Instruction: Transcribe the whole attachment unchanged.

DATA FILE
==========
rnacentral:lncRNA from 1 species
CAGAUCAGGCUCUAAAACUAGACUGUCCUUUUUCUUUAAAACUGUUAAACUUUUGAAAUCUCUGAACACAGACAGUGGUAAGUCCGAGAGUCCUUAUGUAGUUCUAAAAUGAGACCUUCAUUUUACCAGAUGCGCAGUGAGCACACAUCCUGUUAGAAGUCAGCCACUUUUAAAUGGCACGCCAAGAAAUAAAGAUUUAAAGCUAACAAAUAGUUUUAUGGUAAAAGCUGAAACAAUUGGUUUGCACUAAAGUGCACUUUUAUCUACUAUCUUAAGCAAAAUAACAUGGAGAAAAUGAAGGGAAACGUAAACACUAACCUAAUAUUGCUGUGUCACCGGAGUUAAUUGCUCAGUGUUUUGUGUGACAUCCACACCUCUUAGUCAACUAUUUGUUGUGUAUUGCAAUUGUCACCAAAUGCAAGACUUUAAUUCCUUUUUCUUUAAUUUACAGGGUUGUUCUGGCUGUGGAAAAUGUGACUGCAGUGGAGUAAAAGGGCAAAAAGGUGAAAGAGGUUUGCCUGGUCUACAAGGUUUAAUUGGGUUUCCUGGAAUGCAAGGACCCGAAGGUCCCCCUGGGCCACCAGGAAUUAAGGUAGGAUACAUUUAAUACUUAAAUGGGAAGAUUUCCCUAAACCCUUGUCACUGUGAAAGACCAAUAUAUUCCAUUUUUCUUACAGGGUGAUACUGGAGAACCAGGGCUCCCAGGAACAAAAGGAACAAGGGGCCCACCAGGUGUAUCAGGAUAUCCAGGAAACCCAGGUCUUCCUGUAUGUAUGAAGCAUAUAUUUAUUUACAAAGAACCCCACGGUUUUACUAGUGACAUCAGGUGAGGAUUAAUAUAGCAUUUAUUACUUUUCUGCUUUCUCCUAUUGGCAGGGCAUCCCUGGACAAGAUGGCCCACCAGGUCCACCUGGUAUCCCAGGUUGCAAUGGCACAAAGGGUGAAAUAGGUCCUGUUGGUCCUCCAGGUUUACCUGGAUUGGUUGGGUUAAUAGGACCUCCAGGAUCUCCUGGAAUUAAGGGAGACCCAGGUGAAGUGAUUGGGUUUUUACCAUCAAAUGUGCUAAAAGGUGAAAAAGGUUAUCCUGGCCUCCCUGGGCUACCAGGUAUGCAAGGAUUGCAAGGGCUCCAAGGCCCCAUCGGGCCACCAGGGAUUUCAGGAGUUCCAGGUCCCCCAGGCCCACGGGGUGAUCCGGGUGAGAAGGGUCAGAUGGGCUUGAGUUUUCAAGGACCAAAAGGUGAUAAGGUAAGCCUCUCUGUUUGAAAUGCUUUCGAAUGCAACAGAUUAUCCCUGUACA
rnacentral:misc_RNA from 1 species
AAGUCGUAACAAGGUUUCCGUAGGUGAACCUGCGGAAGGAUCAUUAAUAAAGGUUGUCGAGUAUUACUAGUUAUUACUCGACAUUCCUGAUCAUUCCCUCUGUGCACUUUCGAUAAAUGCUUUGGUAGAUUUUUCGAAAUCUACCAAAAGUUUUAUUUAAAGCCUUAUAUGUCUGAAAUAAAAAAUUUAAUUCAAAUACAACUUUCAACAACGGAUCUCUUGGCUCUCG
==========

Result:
rnacentral:lncRNA from 1 species
CAGAUCAGGCUCUAAAACUAGACUGUCCUUUUUCUUUAAAACUGUUAAACUUUUGAAAUCUCUGAACACAGACAGUGGUAAGUCCGAGAGUCCUUAUGUAGUUCUAAAAUGAGACCUUCAUUUUACCAGAUGCGCAGUGAGCACACAUCCUGUUAGAAGUCAGCCACUUUUAAAUGGCACGCCAAGAAAUAAAGAUUUAAAGCUAACAAAUAGUUUUAUGGUAAAAGCUGAAACAAUUGGUUUGCACUAAAGUGCACUUUUAUCUACUAUCUUAAGCAAAAUAACAUGGAGAAAAUGAAGGGAAACGUAAACACUAACCUAAUAUUGCUGUGUCACCGGAGUUAAUUGCUCAGUGUUUUGUGUGACAUCCACACCUCUUAGUCAACUAUUUGUUGUGUAUUGCAAUUGUCACCAAAUGCAAGACUUUAAUUCCUUUUUCUUUAAUUUACAGGGUUGUUCUGGCUGUGGAAAAUGUGACUGCAGUGGAGUAAAAGGGCAAAAAGGUGAAAGAGGUUUGCCUGGUCUACAAGGUUUAAUUGGGUUUCCUGGAAUGCAAGGACCCGAAGGUCCCCCUGGGCCACCAGGAAUUAAGGUAGGAUACAUUUAAUACUUAAAUGGGAAGAUUUCCCUAAACCCUUGUCACUGUGAAAGACCAAUAUAUUCCAUUUUUCUUACAGGGUGAUACUGGAGAACCAGGGCUCCCAGGAACAAAAGGAACAAGGGGCCCACCAGGUGUAUCAGGAUAUCCAGGAAACCCAGGUCUUCCUGUAUGUAUGAAGCAUAUAUUUAUUUACAAAGAACCCCACGGUUUUACUAGUGACAUCAGGUGAGGAUUAAUAUAGCAUUUAUUACUUUUCUGCUUUCUCCUAUUGGCAGGGCAUCCCUGGACAAGAUGGCCCACCAGGUCCACCUGGUAUCCCAGGUUGCAAUGGCACAAAGGGUGAAAUAGGUCCUGUUGGUCCUCCAGGUUUACCUGGAUUGGUUGGGUUAAUAGGACCUCCAGGAUCUCCUGGAAUUAAGGGAGACCCAGGUGAAGUGAUUGGGUUUUUACCAUCAAAUGUGCUAAAAGGUGAAAAAGGUUAUCCUGGCCUCCCUGGGCUACCAGGUAUGCAAGGAUUGCAAGGGCUCCAAGGCCCCAUCGGGCCACCAGGGAUUUCAGGAGUUCCAGGUCCCCCAGGCCCACGGGGUGAUCCGGGUGAGAAGGGUCAGAUGGGCUUGAGUUUUCAAGGACCAAAAGGUGAUAAGGUAAGCCUCUCUGUUUGAAAUGCUUUCGAAUGCAACAGAUUAUCCCUGUACA
rnacentral:misc_RNA from 1 species
AAGUCGUAACAAGGUUUCCGUAGGUGAACCUGCGGAAGGAUCAUUAAUAAAGGUUGUCGAGUAUUACUAGUUAUUACUCGACAUUCCUGAUCAUUCCCUCUGUGCACUUUCGAUAAAUGCUUUGGUAGAUUUUUCGAAAUCUACCAAAAGUUUUAUUUAAAGCCUUAUAUGUCUGAAAUAAAAAAUUUAAUUCAAAUACAACUUUCAACAACGGAUCUCUUGGCUCUCG